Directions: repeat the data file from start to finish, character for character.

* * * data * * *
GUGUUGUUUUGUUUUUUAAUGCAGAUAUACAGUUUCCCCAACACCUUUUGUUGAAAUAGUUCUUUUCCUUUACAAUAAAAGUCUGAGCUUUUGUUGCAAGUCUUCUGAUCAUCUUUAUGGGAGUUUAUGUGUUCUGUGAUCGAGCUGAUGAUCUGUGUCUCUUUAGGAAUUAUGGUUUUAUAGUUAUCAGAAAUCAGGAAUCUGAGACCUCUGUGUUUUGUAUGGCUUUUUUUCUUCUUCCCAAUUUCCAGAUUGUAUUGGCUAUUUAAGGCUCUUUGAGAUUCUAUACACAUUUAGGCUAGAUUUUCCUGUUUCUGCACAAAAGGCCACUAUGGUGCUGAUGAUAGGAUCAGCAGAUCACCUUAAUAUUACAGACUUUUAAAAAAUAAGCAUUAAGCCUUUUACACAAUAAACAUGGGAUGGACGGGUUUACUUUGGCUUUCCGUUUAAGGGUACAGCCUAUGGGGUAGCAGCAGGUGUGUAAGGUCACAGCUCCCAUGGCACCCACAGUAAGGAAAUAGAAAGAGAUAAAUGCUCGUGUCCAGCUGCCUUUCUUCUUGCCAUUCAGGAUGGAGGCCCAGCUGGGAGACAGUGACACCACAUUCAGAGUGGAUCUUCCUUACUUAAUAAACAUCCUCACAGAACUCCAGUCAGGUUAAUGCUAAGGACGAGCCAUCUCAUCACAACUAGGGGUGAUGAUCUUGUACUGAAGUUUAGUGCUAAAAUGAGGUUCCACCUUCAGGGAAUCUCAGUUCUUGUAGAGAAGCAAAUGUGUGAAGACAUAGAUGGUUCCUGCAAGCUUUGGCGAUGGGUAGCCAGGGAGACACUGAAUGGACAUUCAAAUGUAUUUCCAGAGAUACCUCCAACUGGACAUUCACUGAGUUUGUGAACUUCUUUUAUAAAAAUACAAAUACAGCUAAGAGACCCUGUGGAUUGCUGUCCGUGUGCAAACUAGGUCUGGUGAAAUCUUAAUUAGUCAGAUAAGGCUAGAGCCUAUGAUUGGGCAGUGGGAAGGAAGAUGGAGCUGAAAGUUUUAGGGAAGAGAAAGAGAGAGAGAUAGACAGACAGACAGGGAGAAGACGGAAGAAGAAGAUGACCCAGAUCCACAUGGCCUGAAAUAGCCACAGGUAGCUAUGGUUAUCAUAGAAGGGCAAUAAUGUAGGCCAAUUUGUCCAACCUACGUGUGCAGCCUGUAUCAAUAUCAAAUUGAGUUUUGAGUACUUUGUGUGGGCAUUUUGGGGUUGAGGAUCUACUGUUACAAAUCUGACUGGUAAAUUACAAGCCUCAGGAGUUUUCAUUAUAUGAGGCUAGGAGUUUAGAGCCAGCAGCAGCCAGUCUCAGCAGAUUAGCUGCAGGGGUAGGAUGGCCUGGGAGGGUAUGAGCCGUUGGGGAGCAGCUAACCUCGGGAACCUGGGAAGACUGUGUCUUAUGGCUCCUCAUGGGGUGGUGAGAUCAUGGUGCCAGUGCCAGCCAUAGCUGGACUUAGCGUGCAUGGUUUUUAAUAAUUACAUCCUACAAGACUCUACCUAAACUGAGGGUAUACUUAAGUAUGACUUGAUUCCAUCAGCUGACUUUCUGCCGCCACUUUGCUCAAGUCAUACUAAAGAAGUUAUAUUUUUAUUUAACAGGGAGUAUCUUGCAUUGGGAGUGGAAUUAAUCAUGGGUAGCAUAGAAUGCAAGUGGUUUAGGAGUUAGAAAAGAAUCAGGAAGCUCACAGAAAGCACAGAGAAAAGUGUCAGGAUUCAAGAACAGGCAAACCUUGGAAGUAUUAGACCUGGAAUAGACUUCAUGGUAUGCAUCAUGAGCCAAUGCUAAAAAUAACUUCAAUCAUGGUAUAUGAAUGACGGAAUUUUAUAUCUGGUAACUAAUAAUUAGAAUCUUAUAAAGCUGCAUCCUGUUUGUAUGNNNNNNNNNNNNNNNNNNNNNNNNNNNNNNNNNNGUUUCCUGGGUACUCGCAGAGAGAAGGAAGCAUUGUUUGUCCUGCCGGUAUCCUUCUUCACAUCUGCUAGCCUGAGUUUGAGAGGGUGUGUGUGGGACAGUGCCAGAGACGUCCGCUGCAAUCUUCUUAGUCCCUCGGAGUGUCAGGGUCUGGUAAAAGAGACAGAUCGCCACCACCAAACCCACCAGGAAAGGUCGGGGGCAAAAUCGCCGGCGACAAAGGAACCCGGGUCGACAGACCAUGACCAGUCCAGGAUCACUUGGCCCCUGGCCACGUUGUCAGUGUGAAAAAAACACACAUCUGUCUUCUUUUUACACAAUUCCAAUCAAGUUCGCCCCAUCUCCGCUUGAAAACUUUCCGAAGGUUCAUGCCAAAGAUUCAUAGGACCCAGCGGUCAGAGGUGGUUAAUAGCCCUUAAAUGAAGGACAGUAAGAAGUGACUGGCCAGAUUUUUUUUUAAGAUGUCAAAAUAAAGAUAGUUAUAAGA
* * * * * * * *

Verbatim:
GUGUUGUUUUGUUUUUUAAUGCAGAUAUACAGUUUCCCCAACACCUUUUGUUGAAAUAGUUCUUUUCCUUUACAAUAAAAGUCUGAGCUUUUGUUGCAAGUCUUCUGAUCAUCUUUAUGGGAGUUUAUGUGUUCUGUGAUCGAGCUGAUGAUCUGUGUCUCUUUAGGAAUUAUGGUUUUAUAGUUAUCAGAAAUCAGGAAUCUGAGACCUCUGUGUUUUGUAUGGCUUUUUUUCUUCUUCCCAAUUUCCAGAUUGUAUUGGCUAUUUAAGGCUCUUUGAGAUUCUAUACACAUUUAGGCUAGAUUUUCCUGUUUCUGCACAAAAGGCCACUAUGGUGCUGAUGAUAGGAUCAGCAGAUCACCUUAAUAUUACAGACUUUUAAAAAAUAAGCAUUAAGCCUUUUACACAAUAAACAUGGGAUGGACGGGUUUACUUUGGCUUUCCGUUUAAGGGUACAGCCUAUGGGGUAGCAGCAGGUGUGUAAGGUCACAGCUCCCAUGGCACCCACAGUAAGGAAAUAGAAAGAGAUAAAUGCUCGUGUCCAGCUGCCUUUCUUCUUGCCAUUCAGGAUGGAGGCCCAGCUGGGAGACAGUGACACCACAUUCAGAGUGGAUCUUCCUUACUUAAUAAACAUCCUCACAGAACUCCAGUCAGGUUAAUGCUAAGGACGAGCCAUCUCAUCACAACUAGGGGUGAUGAUCUUGUACUGAAGUUUAGUGCUAAAAUGAGGUUCCACCUUCAGGGAAUCUCAGUUCUUGUAGAGAAGCAAAUGUGUGAAGACAUAGAUGGUUCCUGCAAGCUUUGGCGAUGGGUAGCCAGGGAGACACUGAAUGGACAUUCAAAUGUAUUUCCAGAGAUACCUCCAACUGGACAUUCACUGAGUUUGUGAACUUCUUUUAUAAAAAUACAAAUACAGCUAAGAGACCCUGUGGAUUGCUGUCCGUGUGCAAACUAGGUCUGGUGAAAUCUUAAUUAGUCAGAUAAGGCUAGAGCCUAUGAUUGGGCAGUGGGAAGGAAGAUGGAGCUGAAAGUUUUAGGGAAGAGAAAGAGAGAGAGAUAGACAGACAGACAGGGAGAAGACGGAAGAAGAAGAUGACCCAGAUCCACAUGGCCUGAAAUAGCCACAGGUAGCUAUGGUUAUCAUAGAAGGGCAAUAAUGUAGGCCAAUUUGUCCAACCUACGUGUGCAGCCUGUAUCAAUAUCAAAUUGAGUUUUGAGUACUUUGUGUGGGCAUUUUGGGGUUGAGGAUCUACUGUUACAAAUCUGACUGGUAAAUUACAAGCCUCAGGAGUUUUCAUUAUAUGAGGCUAGGAGUUUAGAGCCAGCAGCAGCCAGUCUCAGCAGAUUAGCUGCAGGGGUAGGAUGGCCUGGGAGGGUAUGAGCCGUUGGGGAGCAGCUAACCUCGGGAACCUGGGAAGACUGUGUCUUAUGGCUCCUCAUGGGGUGGUGAGAUCAUGGUGCCAGUGCCAGCCAUAGCUGGACUUAGCGUGCAUGGUUUUUAAUAAUUACAUCCUACAAGACUCUACCUAAACUGAGGGUAUACUUAAGUAUGACUUGAUUCCAUCAGCUGACUUUCUGCCGCCACUUUGCUCAAGUCAUACUAAAGAAGUUAUAUUUUUAUUUAACAGGGAGUAUCUUGCAUUGGGAGUGGAAUUAAUCAUGGGUAGCAUAGAAUGCAAGUGGUUUAGGAGUUAGAAAAGAAUCAGGAAGCUCACAGAAAGCACAGAGAAAAGUGUCAGGAUUCAAGAACAGGCAAACCUUGGAAGUAUUAGACCUGGAAUAGACUUCAUGGUAUGCAUCAUGAGCCAAUGCUAAAAAUAACUUCAAUCAUGGUAUAUGAAUGACGGAAUUUUAUAUCUGGUAACUAAUAAUUAGAAUCUUAUAAAGCUGCAUCCUGUUUGUAUGNNNNNNNNNNNNNNNNNNNNNNNNNNNNNNNNNNGUUUCCUGGGUACUCGCAGAGAGAAGGAAGCAUUGUUUGUCCUGCCGGUAUCCUUCUUCACAUCUGCUAGCCUGAGUUUGAGAGGGUGUGUGUGGGACAGUGCCAGAGACGUCCGCUGCAAUCUUCUUAGUCCCUCGGAGUGUCAGGGUCUGGUAAAAGAGACAGAUCGCCACCACCAAACCCACCAGGAAAGGUCGGGGGCAAAAUCGCCGGCGACAAAGGAACCCGGGUCGACAGACCAUGACCAGUCCAGGAUCACUUGGCCCCUGGCCACGUUGUCAGUGUGAAAAAAACACACAUCUGUCUUCUUUUUACACAAUUCCAAUCAAGUUCGCCCCAUCUCCGCUUGAAAACUUUCCGAAGGUUCAUGCCAAAGAUUCAUAGGACCCAGCGGUCAGAGGUGGUUAAUAGCCCUUAAAUGAAGGACAGUAAGAAGUGACUGGCCAGAUUUUUUUUUAAGAUGUCAAAAUAAAGAUAGUUAUAAGA